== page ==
Federal Industry Minister Kim Carr launched the UNSW Centre for Sustainable Materials Research and Technology this week, hailing it as an important model for Australian collaborative research and development.
The Centre for Sustainable Materials Research and Technology (SMaRT@UNSW) brings together researchers from the Faculties of Science, Engineering, Built Environment and ADFA to work with industry on the development of innovative, sustainable materials and manufacturing processes.
One of the flagship sustainable technologies of the SMaRT Centre, invented by centre director, Scientia Professor Veena Sahajwalla, is a process - polymer injection technology - which takes used car tyres as an energy and emissions-saving substitute for coking coal in electric arc furnace steelmaking.
The launch of SMaRT on Wednesday, March 4, was attended by Senator Carr, senior UNSW representatives including Vice-Chancellor Professor Fred Hilmer and Deputy Vice-Chancellor (Research) Professor Les Field, and representatives from industry.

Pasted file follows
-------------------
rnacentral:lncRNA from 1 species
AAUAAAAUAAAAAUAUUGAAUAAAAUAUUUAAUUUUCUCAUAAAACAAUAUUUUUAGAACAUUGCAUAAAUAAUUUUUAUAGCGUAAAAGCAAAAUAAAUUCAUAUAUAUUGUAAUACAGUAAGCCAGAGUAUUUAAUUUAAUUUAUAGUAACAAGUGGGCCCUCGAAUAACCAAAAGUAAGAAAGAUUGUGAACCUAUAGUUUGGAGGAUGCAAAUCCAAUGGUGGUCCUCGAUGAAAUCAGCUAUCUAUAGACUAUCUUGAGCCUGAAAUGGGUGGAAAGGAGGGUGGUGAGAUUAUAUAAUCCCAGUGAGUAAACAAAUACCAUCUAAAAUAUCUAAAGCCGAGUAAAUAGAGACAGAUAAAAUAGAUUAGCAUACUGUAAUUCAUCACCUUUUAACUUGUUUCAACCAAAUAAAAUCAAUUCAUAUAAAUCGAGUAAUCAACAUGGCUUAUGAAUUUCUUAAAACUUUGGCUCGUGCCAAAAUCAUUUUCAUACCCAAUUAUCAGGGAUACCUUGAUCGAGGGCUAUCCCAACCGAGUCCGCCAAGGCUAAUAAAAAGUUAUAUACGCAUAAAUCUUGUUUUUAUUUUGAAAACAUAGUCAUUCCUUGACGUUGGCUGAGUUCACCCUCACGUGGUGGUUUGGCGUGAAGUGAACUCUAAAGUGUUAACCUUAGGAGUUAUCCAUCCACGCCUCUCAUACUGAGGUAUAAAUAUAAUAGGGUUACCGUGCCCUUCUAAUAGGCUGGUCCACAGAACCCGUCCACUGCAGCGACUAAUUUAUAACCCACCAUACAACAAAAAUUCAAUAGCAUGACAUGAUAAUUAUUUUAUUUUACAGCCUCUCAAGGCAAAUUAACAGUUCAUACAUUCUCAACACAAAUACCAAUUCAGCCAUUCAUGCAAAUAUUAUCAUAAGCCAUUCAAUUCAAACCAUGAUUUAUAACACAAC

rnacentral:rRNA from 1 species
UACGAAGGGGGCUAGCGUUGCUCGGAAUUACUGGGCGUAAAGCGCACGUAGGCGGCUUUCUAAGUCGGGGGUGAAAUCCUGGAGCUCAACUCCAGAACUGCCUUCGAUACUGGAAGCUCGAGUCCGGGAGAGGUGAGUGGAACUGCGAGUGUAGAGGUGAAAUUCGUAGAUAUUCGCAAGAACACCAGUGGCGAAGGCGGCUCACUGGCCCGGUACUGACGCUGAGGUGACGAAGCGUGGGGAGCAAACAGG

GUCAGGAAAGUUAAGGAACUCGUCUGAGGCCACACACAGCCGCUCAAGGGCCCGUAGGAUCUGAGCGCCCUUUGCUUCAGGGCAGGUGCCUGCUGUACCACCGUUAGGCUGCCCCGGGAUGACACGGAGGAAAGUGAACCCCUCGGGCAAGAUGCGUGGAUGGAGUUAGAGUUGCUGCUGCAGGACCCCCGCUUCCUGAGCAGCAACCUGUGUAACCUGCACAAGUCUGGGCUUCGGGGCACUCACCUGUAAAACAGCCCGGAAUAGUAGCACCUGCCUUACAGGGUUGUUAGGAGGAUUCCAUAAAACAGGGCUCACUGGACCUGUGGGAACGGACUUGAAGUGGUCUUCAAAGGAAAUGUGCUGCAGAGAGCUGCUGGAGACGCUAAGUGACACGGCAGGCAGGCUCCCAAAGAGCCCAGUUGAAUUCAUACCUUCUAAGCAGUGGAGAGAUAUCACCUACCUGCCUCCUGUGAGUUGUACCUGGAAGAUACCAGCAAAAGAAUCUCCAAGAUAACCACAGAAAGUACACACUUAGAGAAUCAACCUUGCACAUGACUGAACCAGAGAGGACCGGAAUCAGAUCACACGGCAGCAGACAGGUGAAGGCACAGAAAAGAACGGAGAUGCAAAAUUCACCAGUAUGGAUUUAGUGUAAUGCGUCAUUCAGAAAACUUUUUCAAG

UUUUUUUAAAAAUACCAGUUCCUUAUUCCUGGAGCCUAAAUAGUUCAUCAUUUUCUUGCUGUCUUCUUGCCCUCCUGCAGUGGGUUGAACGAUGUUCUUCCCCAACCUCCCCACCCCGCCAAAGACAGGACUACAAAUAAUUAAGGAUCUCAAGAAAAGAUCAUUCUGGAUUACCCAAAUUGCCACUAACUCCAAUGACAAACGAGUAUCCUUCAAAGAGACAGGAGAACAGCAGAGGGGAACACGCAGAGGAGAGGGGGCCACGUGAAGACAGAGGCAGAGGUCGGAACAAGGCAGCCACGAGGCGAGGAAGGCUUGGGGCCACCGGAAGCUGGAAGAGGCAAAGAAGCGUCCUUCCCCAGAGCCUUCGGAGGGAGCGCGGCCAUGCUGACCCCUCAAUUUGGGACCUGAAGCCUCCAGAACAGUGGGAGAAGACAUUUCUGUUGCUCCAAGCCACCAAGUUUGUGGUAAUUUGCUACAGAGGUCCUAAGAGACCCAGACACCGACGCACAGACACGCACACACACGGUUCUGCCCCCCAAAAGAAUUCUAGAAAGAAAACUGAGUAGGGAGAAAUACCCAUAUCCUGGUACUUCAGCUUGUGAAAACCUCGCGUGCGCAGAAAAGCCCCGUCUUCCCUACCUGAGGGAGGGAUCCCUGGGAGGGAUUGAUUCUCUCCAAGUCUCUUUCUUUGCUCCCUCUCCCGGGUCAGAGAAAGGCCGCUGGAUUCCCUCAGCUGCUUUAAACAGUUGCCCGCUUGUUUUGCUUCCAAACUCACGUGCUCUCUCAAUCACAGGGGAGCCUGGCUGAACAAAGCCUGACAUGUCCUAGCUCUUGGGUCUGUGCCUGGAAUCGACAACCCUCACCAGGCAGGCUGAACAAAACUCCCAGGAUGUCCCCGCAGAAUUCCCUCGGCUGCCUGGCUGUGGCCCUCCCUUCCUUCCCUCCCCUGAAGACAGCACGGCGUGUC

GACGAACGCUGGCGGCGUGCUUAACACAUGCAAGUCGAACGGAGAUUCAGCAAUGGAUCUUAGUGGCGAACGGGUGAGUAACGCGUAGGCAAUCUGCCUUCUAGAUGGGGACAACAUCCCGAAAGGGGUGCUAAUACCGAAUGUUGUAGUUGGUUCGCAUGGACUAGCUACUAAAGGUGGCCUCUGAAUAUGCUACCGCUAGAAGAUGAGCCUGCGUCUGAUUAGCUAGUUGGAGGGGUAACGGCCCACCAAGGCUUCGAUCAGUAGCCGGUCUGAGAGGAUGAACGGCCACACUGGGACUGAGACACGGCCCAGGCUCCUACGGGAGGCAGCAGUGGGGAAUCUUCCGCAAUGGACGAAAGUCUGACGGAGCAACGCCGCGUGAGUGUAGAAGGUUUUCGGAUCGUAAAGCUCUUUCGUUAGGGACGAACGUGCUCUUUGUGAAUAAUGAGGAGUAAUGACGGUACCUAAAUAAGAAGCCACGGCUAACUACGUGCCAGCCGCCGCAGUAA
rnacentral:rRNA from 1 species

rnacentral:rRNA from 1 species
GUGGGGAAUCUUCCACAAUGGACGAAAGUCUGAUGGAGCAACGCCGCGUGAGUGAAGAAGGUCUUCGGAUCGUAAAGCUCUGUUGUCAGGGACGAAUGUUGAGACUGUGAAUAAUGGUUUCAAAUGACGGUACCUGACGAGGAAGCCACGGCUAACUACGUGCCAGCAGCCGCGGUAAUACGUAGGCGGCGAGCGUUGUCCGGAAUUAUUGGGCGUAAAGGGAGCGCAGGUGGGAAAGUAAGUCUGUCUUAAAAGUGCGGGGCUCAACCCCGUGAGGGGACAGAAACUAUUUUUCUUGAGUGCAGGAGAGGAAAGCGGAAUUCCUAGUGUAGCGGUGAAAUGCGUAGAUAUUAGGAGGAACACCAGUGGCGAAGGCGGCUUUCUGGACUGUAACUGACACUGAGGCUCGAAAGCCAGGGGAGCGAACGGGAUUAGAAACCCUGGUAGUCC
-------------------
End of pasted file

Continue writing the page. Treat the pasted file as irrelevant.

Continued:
Senator Carr praised the importance of the cross-disciplinary approach that SMaRT brings to research and development.
"Multi-faceted problems require multi-disciplinary answers and the SMaRT centre is absolute proof of that - it demonstrates the value of collaboration between researchers and industry," he said.
"This is where white collar meets blue collar - it is the best way to get new knowledge out of the academy and into the real world."
Professor Sahajwalla said the SMaRT Centre has twin goals of delivering environmental and economic benefits.
"We are doing cutting edge research which can have a significant impact on industry," she said.
"But that impact doesn't just happen - it has to start literally at the basic research level."
Professor Sahajwalla has developed the polymer injection technology with steelmaking giant, OneSteel. OneSteel has an exclusive international licence on the patented technology for use in its steel mills and, following successful trials at mills in NSW and Victoria, is trialling the technology at a plant in the United States.
David Knights, OneSteel's General Manager, EAF and Casting, said the technology was a win for steelmakers and the environment.
"We have seen an improvement in our cost efficiency while making a positive impact on the environment," he said.
The SMaRT Centre will continue to work with industry in the development of novel materials, processes and designs to increase recycling, reduce energy consumption and cut material use.
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